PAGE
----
Some players are bothered by the fact that the Mondays are played at night. Cornerback Lem Barney of the Lions says, "The reason I hate Monday night games is that you have all day to sit around and think about them. It drives me nuts." Baltimore Tackle Bob Vogel hates losing out on his sack time. "Against Kansas City," he says, "I was playing the second half at a time when I'm normally in bed." Jerry Mays, the Chiefs' defensive end, points out, "It takes longer to recuperate from a night game than a day game. Even if you play the game at home, you usually end up missing a night's sleep. If you've won, you're too excited to sleep. If you've lost, you're too mad at yourself to sleep. What made our Monday night game with Baltimore unusually tough was that it was a night game played on the East Coast. We didn't get back home until about 3 a.m. Tuesday, and Wednesday didn't feel all that good. The effect was not so much to cut our preparation time for the Denver game from seven to six days as it was to cut it from seven to 5½ days."
Any mental blocks that result from the Mondays are minor compared with the physical wounds. "You have to be in the game to see these men try to recover for the next weekend," says Cleveland Coach Blanton Collier. "The short week has given the next opponent a definite advantage." Frank Larry, consultant to the Rose Bowl Sports Book in Las Vegas, disagrees. "All it amounts to is that one team has 24 more hours to recuperate and we take that into account to the extent of one point at the most. But, over all, I think it's been exaggerated; it's a coincidence that has become a conversation piece, and it will even out before the season is over." Last Sunday's results (both Mondays managed to beat the point spread) support Larry's prediction.
San Diego trainer Jim Van Deusen, estimates players need from 48 to 72 hours to shake off the physical trauma of game contact. Kansas City Trainer Wayne Rudy says, "Pro football players are geared to play a game every seven days, and if they have less time than that between games it pushes them too much to get ready. Our heavy days in the training room are Monday, Tuesday and Wednesday. By Friday and Saturday, excluding those with serious injuries, everybody is getting into pretty good shape. Coming out of any game, half the squad will have sore shoulders or backs. Take 24 hours' healing time away and most of them can still play, but not at full capacity, as they could if they had one more day." This is particularly true of veterans. "I have some back trouble," Jerry Mays says, "and when I play a game on Sunday and then go out and practice on Tuesday I find that when I try to touch my toes I can only reach as far as my knees. Wednesday I can reach to the tops of my socks, Thursday my ankles and then finally on Friday or Saturday I can touch my toes. So you can see what the cutting-down time between games does to me."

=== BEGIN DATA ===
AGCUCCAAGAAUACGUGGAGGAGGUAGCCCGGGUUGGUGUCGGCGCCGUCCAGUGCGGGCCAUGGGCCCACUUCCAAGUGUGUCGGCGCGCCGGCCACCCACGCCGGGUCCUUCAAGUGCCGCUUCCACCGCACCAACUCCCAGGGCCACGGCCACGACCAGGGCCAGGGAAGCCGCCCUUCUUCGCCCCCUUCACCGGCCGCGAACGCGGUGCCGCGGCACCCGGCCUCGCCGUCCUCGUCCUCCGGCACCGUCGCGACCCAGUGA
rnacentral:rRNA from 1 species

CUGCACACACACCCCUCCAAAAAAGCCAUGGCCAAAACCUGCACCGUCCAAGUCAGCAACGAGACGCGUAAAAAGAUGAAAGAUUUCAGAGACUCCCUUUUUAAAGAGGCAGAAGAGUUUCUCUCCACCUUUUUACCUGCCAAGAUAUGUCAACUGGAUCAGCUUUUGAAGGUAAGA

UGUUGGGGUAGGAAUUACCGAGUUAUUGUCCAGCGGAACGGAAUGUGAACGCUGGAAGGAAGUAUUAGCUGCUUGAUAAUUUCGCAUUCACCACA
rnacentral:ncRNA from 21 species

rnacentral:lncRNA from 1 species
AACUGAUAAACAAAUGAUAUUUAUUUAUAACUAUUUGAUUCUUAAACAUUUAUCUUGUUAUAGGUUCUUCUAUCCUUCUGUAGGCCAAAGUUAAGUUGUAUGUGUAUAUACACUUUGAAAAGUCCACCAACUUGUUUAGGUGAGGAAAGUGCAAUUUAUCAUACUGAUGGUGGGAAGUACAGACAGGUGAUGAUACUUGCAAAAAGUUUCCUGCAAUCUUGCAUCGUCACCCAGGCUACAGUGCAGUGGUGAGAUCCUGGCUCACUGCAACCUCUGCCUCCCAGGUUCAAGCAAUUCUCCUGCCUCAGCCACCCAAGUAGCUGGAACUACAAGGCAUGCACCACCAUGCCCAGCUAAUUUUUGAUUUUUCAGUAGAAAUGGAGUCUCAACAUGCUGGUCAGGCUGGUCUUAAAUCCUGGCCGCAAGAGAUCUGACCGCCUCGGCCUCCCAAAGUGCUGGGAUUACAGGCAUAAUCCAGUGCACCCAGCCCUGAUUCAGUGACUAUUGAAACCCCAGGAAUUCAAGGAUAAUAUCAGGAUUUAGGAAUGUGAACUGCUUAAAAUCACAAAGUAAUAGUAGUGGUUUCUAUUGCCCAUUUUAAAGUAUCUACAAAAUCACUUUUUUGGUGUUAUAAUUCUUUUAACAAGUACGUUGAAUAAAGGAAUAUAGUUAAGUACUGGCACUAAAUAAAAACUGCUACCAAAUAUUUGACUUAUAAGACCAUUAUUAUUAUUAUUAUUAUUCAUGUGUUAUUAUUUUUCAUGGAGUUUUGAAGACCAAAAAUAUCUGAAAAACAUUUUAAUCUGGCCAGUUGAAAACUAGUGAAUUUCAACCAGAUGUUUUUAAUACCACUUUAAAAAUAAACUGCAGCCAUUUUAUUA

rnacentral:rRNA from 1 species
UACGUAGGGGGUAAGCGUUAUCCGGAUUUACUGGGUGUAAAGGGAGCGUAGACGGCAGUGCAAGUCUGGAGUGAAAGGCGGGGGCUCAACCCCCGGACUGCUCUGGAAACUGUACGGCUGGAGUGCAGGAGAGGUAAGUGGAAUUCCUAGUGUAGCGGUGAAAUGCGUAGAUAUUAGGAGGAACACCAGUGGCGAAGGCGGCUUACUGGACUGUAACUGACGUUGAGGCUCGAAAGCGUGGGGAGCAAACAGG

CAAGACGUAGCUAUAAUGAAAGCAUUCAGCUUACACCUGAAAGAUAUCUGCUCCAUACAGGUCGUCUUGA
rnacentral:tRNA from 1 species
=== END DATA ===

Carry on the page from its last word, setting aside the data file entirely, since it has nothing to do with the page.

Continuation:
Will the aches and pains get better or worse as the season progresses? In all likelihood, worse. Ed Podolak of the Chiefs says, "As you get into the season I'm inclined to think that maybe a day of rest does you more good than a day of practice." Assistant Coach Bobby Boyd of the Colts believes the situation "probably will be worse later in the year when injuries begin to pile up."
No matter how the players may feel, Rozelle is pleased. Oddly enough, much the same might be said for NBC and CBS. When Rozelle finally decided to deliver his pitch for the Mondays—an idea he has had for years—CBS and NBC turned it down. They were locked into Monday night schedules. Rozelle tried ABC, and when it signed up, "CBS and NBC," in Rozelle's words, "were not obviously overjoyed." However, as a result of ABC taking on the Mondays, Rozelle was able to lessen the NFL's financial demands on CBS and NBC, and in return they agreed to cut back on Sunday doubleheaders. To Rozelle, this was ginger peachy because he feared doubleheaders would overexpose the game. By contrast, he sees no threat of overexposure with the Mondays, explaining, "We feel we've broadened our audience. On Monday night there are more sets in use than on Sunday afternoon. We're undoubtedly getting a lot of new fans."